Save and close the file. Then create the sockets and process ID directory.

mkdir /var/www/discourse/tmp/sockets/
mkdir /var/www/discourse/tmp/pids/

Start Discourse.

RAILS_ENV=production bundle exec puma -C /var/www/discourse/config/puma.rb

Discourse will be listening on Unix socket: /var/www/discourse/tmp/sockets/puma.sock.

Step 5: Configure Nginx Reverse Proxy

Install Nginx web server from the default Ubuntu 18.04 software repository.

sudo apt install nginx

Copy the sample Nginx virtual host configuration file.

sudo cp /var/www/discourse/config/nginx.sample.conf /etc/nginx/conf.d/discourse.conf

Edit the new file.

sudo nano /etc/nginx/conf.d/discourse.conf

Find the following lines and comment them out because we are going to use puma.

upstream discourse {
    server unix:/var/www/discourse/tmp/sockets/thin.0.sock;
    server unix:/var/www/discourse/tmp/sockets/thin.1.sock;
    server unix:/var/www/discourse/tmp/sockets/thin.2.sock;
    server unix:/var/www/discourse/tmp/sockets/thin.3.sock;
}

Find the following lines and uncomment them.

# upstream discourse {
#       server unix:/var/www/discourse/tmp/sockets/puma.sock;
# }

Find the following line.

server_name enter.your.web.hostname.here;

Change the server name. Don’t forget to add DNS A record for the domain name.

server_name community.example.com;

Save and close the file. Create the cache directory.

sudo mkdir -p /var/nginx/cache/

Then test nginx configuration.

sudo nginx -t

If the test is successful, reload Nginx for the changes to take effect.

sudo systemctl reload nginx

Now you should be able to see the Discourse forum at http://community.example.com.

Step 6: Enable HTTPS

To encrypt HTTP traffic, we can enable HTTPS by installing a free TLS certificate issued from Let’s Encrypt. Run the following command to install Let’s Encrypt client (certbot) on Ubuntu 18.04 server.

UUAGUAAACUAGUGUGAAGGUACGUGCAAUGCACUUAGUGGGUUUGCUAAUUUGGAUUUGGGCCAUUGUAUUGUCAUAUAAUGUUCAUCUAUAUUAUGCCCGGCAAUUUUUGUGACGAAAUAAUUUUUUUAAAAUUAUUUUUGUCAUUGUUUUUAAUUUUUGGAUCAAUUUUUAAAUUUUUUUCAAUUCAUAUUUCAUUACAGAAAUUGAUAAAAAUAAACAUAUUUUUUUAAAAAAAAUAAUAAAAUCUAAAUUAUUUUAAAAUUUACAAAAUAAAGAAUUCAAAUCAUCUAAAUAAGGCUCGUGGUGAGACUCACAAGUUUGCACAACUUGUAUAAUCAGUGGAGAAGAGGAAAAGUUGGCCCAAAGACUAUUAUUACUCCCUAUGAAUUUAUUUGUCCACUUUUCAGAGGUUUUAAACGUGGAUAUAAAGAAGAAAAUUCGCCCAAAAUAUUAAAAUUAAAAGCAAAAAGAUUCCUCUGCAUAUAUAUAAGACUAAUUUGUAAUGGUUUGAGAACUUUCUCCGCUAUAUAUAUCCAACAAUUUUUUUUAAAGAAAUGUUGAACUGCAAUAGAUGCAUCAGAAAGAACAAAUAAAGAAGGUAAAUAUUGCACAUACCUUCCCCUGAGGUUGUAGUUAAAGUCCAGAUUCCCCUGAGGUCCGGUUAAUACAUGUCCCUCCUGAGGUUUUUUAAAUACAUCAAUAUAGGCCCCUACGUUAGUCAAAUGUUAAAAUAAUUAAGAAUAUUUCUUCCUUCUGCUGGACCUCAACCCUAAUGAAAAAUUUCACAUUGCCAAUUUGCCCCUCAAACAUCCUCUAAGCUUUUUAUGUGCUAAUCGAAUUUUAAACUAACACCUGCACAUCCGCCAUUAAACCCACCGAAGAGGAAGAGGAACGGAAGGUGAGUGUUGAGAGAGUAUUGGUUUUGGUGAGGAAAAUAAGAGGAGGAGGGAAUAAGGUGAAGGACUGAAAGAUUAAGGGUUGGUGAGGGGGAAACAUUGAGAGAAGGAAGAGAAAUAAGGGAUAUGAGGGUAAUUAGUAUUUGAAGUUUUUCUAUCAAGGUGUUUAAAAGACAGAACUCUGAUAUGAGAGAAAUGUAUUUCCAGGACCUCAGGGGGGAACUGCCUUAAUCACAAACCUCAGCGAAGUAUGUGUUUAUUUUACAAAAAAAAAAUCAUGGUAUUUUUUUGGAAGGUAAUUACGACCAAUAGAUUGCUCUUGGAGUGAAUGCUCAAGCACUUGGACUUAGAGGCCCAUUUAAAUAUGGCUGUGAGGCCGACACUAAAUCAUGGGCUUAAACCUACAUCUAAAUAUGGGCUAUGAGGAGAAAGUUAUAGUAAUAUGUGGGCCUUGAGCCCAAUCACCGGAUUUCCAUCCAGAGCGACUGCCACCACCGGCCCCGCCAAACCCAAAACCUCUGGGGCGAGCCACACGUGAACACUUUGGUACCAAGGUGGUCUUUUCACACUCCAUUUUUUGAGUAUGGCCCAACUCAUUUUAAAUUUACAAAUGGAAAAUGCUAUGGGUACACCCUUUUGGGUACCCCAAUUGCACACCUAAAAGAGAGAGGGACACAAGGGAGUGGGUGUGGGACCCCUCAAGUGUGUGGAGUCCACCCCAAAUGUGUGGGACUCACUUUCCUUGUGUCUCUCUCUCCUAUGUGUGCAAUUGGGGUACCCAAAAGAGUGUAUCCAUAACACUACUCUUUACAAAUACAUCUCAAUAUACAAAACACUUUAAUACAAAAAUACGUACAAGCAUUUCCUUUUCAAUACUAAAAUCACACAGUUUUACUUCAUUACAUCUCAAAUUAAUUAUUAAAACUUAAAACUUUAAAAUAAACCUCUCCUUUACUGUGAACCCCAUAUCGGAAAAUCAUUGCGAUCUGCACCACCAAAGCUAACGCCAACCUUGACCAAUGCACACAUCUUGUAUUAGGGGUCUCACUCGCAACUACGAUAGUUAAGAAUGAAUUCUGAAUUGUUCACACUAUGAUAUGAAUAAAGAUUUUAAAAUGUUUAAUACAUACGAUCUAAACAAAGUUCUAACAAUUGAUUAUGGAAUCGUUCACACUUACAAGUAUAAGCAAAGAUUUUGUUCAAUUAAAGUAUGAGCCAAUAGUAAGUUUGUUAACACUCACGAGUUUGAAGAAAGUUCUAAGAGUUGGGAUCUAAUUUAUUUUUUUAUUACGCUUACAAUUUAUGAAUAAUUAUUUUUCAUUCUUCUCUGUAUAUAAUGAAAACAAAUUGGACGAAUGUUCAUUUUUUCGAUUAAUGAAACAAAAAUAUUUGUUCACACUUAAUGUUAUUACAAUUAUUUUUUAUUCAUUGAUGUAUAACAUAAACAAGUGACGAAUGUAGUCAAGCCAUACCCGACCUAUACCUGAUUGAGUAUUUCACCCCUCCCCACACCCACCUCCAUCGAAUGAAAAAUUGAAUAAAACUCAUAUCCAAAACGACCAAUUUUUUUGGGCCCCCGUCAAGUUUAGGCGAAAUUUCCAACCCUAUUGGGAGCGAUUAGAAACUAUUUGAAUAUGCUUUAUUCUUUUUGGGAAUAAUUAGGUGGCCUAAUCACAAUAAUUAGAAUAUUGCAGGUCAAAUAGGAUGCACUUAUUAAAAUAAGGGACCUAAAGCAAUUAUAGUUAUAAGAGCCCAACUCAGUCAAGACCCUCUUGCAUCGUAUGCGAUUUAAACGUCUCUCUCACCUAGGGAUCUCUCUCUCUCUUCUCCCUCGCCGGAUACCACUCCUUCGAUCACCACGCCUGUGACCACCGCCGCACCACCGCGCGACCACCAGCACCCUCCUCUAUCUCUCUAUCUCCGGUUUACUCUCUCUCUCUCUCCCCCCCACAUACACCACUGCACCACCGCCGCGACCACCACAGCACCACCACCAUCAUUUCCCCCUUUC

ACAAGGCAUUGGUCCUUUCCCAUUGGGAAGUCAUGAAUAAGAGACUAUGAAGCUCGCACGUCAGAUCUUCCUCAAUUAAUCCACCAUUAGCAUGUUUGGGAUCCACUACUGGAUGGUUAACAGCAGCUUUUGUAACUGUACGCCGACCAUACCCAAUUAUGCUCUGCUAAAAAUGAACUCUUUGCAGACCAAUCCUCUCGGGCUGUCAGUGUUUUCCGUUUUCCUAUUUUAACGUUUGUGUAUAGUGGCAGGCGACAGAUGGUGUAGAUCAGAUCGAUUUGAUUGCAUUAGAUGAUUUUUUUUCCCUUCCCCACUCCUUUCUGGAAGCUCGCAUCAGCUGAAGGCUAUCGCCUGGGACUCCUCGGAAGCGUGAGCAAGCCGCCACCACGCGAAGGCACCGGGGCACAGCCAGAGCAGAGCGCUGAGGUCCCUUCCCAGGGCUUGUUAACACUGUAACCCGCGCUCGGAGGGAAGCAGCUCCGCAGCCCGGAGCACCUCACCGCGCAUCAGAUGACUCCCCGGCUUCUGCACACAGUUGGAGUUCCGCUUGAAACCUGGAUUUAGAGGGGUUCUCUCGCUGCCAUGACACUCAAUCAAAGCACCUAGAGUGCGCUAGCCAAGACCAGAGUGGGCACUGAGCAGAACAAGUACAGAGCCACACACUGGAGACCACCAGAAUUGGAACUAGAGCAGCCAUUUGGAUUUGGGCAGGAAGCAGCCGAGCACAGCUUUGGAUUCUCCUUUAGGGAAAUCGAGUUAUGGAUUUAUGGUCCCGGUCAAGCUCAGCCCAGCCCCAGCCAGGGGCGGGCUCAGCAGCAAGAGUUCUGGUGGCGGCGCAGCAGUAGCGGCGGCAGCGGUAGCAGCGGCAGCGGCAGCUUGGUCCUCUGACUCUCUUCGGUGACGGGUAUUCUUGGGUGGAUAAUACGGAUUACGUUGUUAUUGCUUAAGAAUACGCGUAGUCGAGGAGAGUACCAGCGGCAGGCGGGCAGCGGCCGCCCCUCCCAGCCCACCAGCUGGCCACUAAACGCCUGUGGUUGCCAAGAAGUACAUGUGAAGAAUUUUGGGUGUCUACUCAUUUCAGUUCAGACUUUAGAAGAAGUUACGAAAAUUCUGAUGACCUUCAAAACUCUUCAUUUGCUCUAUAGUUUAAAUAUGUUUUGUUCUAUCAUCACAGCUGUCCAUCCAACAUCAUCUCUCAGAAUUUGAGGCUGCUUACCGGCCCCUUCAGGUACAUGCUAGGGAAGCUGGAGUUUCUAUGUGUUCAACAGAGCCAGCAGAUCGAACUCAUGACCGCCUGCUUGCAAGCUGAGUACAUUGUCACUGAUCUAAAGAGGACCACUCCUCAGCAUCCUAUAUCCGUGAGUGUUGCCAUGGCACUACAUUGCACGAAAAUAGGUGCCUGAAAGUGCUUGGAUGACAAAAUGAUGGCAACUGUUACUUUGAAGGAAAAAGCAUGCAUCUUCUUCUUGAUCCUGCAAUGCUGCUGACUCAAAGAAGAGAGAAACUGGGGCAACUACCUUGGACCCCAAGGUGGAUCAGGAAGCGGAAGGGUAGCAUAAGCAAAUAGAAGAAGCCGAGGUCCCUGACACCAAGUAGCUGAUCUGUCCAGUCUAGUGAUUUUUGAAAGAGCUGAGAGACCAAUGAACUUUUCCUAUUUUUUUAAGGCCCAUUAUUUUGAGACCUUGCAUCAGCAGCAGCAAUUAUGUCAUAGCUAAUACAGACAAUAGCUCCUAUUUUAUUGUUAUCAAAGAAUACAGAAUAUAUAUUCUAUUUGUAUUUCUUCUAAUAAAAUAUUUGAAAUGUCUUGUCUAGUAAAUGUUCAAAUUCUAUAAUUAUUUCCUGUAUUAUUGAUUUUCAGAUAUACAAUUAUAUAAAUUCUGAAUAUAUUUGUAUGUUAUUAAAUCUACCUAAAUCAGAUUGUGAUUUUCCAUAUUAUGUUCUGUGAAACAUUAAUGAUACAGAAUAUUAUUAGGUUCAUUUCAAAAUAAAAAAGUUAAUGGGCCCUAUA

sudo apt install certbot python3-certbot-nginx

Next, run the following command to obtain and install TLS certificate.

sudo certbot --nginx --agree-tos --redirect --hsts --staple-ocsp --email [email protected] -d community.example.com

Where

  • --nginx: Use the nginx plugin.
  • --agree-tos: Agree to terms of service.
  • --redirect: Force HTTPS by 301 redirect.
  • --hsts: Add the Strict-Transport-Security header to every HTTP response. Forcing browser to always use TLS for the domain. Defends against SSL/TLS Stripping.
  • --staple-ocsp: Enables OCSP Stapling. A valid OCSP response is stapled to the certificate that the server offers during TLS.

The certificate should now be obtained and automatically installed.

install discourse ubuntu 18.04 without docker

And you can access Discourse forum via HTTPS (https://community.example.com).

install discourse forum on ubuntu 18.04

Step 7: Create Admin Account

Go to the discourse directory (/var/www/discourse/) and run the following command to create an admin account.

RAILS_ENV=production bundle exec rake admin:create

You will be asked to enter an email address and password for the admin account.

discourse create admin account from console

After that, restart Discourse.

RAILS_ENV=production bundle exec pumactl -P /var/www/discourse/tmp/pids/puma.pid restart

Now refresh the Discourse web page and you will be able to login.

restart discourse

Once logged in, you can start the setup wizard. (https://community.example.com/wizard) and follow the instructions to finish installation. If you use Cloudflare CDN, then you need to go to settings -> security -> content security policy src and add this URL: https://community.example.com/cdn-cgi/

Step 8: Configure background Processing Service: Sidekiq

Sidekiq is an open source job scheduler. Many tasks, like sending emails, are executed asynchronously by sidekiq. Edit the sidekiq.yml file.